"Every one I talked to was great.I'm already looking to next time to do some camping and fishing. There is so much experience at the jam it's an incredible event." - lv2nymph
"The folks who live in the State College area are truly blessed to have such good fishing close-by, in streams both large and small. I hope to make it again and see you all at the 2013 Jam!" - goodfortune
"...Jack, you are a card." - The_Sasquatch
"Had a blast at this year's JAM. Got to see a bunch of friends and met some new ones. Tons of good food, stories, and drink. We even fished a little too. Thanks to everyone that helps set this up. It is a great time." - Turkey
Photos by skybay, pcray1231, dkile
With over 7,000 registered members, 250,000 unique visitors and 7,500,000 page views a year Paflyfish has very enthusiastic community. Members include of course beginners, experienced anglers, authors, guides, fly shop owners, scientists, conservationists and trout bums. The website consists of several community resources including: Blog, Forum, Stream Reports, Stream Locations, Maps, Photo Section, and Polls. The forum is a very enthusiastic community that is not only knowledgeable, but very passionate.
The Paflyfish activities extend offline as well to include beginner clinics, fly tying workshops, fly fishing meet-ups, support to conservation efforts and other non-site events. Many of the activities are informally organized by members anxious to help share with others.
Paflyfish was created by Dave Kile initially as a way for anglers to find fly fishing locations across the Pennsylvania region and a way to give back like those who had helped him first get started.
Dave grew up in Southeast Pennsylvania and first got started fishing with his father as soon as he could pick up a Zebco rod. Spring times were spent trout fishing in the Poconos and summer family vacations were large mouth bass opportunities in Canada.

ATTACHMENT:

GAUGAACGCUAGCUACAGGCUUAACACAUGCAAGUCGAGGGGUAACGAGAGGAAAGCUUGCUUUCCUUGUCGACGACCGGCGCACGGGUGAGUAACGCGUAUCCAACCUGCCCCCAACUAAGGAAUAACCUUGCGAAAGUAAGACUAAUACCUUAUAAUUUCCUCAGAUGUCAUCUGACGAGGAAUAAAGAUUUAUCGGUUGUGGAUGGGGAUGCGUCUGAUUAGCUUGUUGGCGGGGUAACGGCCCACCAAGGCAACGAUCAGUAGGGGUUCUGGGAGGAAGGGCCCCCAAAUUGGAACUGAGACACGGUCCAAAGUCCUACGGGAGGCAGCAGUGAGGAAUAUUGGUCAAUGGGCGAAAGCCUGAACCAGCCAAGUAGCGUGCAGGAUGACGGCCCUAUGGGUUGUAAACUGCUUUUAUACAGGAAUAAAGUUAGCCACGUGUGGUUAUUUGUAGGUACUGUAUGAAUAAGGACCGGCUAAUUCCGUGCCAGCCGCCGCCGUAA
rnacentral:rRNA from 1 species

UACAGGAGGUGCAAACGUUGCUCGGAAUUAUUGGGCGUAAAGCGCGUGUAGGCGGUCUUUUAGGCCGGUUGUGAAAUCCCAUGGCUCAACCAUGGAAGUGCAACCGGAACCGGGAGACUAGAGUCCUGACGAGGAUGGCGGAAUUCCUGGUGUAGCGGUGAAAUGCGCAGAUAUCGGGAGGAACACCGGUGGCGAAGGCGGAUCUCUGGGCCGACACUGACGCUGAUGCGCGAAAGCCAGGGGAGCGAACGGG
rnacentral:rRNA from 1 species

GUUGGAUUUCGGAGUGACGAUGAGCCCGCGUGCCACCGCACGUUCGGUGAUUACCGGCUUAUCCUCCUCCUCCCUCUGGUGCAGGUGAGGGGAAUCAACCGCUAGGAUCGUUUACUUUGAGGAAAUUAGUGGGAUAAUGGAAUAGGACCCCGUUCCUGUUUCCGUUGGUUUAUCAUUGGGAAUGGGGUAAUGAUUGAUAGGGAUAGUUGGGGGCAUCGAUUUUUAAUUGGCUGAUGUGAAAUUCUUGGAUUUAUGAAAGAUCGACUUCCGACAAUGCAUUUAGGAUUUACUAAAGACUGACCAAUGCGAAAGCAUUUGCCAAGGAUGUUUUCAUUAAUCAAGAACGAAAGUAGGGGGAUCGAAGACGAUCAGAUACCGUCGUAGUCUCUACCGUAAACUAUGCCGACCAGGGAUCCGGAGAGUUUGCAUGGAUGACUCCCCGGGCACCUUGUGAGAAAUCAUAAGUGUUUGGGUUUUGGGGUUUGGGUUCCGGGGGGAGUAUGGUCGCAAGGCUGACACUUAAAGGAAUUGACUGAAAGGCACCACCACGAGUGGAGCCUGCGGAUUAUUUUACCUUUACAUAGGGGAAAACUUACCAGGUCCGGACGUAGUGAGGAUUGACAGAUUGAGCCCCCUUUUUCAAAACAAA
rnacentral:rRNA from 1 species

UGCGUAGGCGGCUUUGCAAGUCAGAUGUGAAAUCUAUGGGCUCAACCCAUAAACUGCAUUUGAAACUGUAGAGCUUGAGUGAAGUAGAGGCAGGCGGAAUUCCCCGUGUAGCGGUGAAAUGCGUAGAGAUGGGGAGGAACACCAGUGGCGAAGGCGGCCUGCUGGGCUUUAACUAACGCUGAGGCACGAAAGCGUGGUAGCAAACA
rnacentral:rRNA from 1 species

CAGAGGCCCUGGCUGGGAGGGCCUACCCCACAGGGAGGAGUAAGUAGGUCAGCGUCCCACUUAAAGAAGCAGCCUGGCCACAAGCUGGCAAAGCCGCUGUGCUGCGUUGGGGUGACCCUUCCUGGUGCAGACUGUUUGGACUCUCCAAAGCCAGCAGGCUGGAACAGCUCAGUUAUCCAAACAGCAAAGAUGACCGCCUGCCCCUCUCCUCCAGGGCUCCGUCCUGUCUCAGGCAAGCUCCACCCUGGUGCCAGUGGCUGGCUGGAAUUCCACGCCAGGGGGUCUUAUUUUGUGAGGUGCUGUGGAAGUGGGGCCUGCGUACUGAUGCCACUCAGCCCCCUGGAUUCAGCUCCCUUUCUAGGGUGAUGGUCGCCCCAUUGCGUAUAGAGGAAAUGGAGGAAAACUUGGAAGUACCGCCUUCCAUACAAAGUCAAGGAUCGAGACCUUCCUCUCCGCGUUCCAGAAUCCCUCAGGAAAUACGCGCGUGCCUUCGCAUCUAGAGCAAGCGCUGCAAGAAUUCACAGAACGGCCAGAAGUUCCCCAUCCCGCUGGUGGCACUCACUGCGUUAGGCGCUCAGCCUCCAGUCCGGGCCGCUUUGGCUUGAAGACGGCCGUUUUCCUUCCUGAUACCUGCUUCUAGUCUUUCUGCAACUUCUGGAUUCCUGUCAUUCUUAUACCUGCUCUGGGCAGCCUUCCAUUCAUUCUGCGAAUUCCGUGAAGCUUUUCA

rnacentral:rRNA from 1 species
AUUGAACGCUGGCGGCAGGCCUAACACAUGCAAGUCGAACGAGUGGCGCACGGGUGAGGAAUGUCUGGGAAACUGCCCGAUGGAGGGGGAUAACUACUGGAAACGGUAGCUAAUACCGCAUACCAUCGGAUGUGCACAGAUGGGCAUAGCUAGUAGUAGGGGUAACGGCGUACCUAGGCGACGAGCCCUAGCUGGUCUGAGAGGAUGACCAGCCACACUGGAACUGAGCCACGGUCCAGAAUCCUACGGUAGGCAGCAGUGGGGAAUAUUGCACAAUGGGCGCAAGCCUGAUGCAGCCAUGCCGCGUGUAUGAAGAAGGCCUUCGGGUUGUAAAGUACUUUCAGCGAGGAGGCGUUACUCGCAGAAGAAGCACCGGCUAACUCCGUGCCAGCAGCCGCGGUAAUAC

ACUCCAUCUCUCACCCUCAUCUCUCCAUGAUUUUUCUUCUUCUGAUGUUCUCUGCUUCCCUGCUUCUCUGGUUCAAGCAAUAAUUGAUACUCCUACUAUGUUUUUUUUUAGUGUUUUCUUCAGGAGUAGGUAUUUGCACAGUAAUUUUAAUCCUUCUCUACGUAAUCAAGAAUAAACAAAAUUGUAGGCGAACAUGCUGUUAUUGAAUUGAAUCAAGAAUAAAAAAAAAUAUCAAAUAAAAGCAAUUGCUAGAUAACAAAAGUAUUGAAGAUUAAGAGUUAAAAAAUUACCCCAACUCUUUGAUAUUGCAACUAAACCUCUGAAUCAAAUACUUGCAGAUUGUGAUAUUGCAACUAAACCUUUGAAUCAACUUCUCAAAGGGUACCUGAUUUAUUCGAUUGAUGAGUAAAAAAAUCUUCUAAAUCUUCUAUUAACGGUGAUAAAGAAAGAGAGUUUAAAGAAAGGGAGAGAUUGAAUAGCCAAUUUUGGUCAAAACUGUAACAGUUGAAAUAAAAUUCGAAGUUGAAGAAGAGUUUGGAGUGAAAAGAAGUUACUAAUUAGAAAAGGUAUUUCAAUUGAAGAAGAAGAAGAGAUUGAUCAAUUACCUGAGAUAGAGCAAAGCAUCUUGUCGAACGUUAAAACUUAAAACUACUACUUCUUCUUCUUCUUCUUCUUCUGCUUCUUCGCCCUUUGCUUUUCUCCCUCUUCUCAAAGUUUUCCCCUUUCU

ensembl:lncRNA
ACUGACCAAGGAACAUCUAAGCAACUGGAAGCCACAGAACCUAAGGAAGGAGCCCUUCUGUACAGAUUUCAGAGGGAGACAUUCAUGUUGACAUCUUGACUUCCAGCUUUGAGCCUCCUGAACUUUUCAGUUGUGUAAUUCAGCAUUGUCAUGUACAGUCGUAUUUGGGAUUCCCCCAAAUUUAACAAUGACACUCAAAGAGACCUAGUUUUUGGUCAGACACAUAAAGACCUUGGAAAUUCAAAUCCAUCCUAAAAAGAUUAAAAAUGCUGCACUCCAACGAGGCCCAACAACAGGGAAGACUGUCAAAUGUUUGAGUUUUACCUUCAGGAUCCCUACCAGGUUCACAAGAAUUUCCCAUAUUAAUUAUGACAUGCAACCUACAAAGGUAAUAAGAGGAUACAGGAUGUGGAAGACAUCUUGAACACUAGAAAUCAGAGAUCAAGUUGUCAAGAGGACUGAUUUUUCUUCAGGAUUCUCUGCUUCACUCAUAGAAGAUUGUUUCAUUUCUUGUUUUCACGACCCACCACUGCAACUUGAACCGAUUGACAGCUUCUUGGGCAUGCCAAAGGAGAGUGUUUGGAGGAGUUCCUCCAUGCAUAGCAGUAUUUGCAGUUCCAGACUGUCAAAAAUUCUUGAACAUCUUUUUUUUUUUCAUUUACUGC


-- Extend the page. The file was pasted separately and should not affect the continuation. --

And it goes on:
While attending Indiana University of Pennsylvania (IUP) he was first introduced to fly fishing. The friends who took the time to teach him how to fly fish were a significant inspiration for Paflyfish. After graduating with a degree and a concentration in digital cartography, Dave pursued a technology career that initially landed him position with Apple Computer. Working with some of the early web server technologies presented him the opportunity to bring together his passion for fly fishing, knowledge in digital mapping and desire in giving back to the sport is all what started Paflyfish. It took a almost a full year of drawing the early stream locations maps, creating web pages and setting up servers before site even got started with about 200 pages of fly fishing information.
Dave is blessed with a wonderful wife and two fantastic children. His oldest is currently attending Penn State University where he loves visiting her and all the great fly fishing in central Pennsylvania. In addition to fly fishing, Dave is an avid photographer and traveller.
The site is supported by a group of very knowledgeable and excellent moderators.
Maurice began fly fishing in the mid 80's and found Paflyfish soon after the website launched in the mid 90's. A lifelong Pittsburgher with a career in printing and an interest in the outdoors spurred a move to south central Pennsylvania for a job and the fly fishing of course. This occurred right around the that time the Paflyfish Jamborees started under the old board. He has worked closely with Dave since the early days of the site providing a lot of help evolving the features of the site and forum.